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In the play "Romeo and Juliet", what is the dramatic contribution of the...

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jenaa | Student, Grade 10 | eNotes Newbie

Posted November 9, 2008 at 2:59 AM via web

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In the play "Romeo and Juliet", what is the dramatic contribution of the family feud to the love story of the play?

it is relevant to the whole play.

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mwestwood | College Teacher | (Level 3) Distinguished Educator

Posted November 9, 2008 at 3:05 AM (Answer #1)

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As the Prologue explains, the entire plot is set against the "two households, both alike in dignity" that have a long feud against each other.  Had Romeo had another name as Juliet wishes, the young lovers may have been able to not have had such a "star-crossed" life.  Then, the play would not have been a tragedy.  So, in essence, the family enmity is absolutely intrinsic to the entire drama.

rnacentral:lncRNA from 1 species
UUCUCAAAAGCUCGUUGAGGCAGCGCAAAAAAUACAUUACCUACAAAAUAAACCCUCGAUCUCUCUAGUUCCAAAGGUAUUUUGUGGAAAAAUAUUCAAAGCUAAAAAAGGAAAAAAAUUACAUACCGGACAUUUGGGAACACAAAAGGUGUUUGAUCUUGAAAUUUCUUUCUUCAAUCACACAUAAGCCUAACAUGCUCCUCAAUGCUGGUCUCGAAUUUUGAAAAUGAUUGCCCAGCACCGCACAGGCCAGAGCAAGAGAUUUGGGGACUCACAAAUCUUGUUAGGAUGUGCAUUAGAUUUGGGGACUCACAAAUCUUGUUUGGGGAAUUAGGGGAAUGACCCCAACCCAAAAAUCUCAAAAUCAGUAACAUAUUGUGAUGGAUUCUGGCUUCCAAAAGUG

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lesli93 | Student, Grade 10 | (Level 1) Honors

Posted November 21, 2008 at 1:50 AM (Answer #2)

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It makes the love they have seam stronger. Because it's forbidden love.

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ms-mcgregor | High School Teacher | (Level 1) Educator Emeritus

Posted November 9, 2008 at 3:07 AM (Answer #3)

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Without the family feud, Romeo and Juliet would just be another young couple in love. The urgency and secrecy that their relationship demands would not be present. However, the fact that their families hate each other lends drama and tension to the play. In addition, the play would probably have a happier ending, because there would be no reason for Juliet to take poison and thus no reason for Romeo to kill himself.

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